That a person should have the forgiveness of sins, God’s grace and mercy, without having earned it, through the water of baptism and through absolution, seems like an utter falsehood to human reason. It argues, Christians who believe that are balmy and off-the-wall; if God is to be reconciled, there must be something higher and better, namely, good works, which demand pain and sweat from us. This harmonizes with the pope’s example, which we have before our eyes, and by his preaching he directs people to their own merits.

It does not even occur to human reason to believe that alone by baptism and faith in Christ, everything necessary for salvation is done. Reason holds that to be a falsehood. For it does not know what faith is, deeming faith in Christ a trifling thing. In the same way the Word is seen as a paltry thing and the one who urges and preaches it as a poor, miserable, and sinful creature. That one should trust and wager body and life for eternity upon faith and the Word, both such insignificant things, is ridiculous to reason. That’s the reason why, even though God’s Word is plainly spoken to people, human reason does not comprehend, does not believe, declares it to be untrue; and the precious gospel, the meanwhile, is labeled as heresy and a teaching of the devil by which people are misled, teaching them not to do good works. Human reason knows no other verdict.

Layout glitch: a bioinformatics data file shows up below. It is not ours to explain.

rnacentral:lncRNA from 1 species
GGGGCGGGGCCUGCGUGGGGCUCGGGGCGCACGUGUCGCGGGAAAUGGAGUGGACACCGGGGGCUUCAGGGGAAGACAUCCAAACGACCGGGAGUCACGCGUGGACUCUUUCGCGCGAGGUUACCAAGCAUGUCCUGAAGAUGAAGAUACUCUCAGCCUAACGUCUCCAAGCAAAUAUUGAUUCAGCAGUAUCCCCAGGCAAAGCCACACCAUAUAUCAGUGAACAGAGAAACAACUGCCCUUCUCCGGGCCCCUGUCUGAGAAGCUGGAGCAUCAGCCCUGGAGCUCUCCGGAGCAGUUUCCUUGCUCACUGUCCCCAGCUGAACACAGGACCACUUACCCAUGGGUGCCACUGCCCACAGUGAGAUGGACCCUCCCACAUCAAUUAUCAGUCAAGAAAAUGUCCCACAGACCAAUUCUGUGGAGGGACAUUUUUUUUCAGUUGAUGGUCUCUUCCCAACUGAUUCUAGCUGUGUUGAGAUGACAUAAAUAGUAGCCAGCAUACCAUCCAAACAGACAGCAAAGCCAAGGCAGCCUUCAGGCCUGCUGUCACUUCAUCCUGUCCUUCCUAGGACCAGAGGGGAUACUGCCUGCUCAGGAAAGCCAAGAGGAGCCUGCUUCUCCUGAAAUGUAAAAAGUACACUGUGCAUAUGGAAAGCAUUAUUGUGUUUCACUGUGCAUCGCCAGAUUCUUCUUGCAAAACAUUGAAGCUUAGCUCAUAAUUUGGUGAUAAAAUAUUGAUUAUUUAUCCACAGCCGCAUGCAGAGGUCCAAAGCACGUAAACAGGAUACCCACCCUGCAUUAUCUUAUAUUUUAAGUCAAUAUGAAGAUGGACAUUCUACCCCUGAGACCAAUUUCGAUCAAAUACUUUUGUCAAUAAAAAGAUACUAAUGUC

For that reason we should learn to believe with ingenuous faith and say, If it’s God’s Word, I cannot doubt it in any way; and, even though I cannot see, touch, or feel that it is true, nonetheless, I listen because God is speaking. He is so great and mighty that He can make it true, so that in His good time, or in the life to come, I will be able to comprehend and understand it, yes, see and grasp it, even though I don’t understand it now (1:304).

We should learn from the blind man so to bring our petitions and our needs to Christ, confidently trusting that He will hear us and grant our petitions (1:310).

This example teaches us that we should be bold, clamoring beggars who do not grow weary but say, Lord, it is true, I am a poor, unworthy sinner, indeed; but nonetheless I have need of this and that. I have wife and child, and have nothing to feed them; Lord, give  us food. I am desperate, and need your comfort, Lord, help me. It is not a question of whether I am a saint; only one thing matters, that I am in need, and that you gladly give what is needful for my body and soul (1:310-311).

Hymn Plan for 2009: LSB 562, 685, 573/836, 527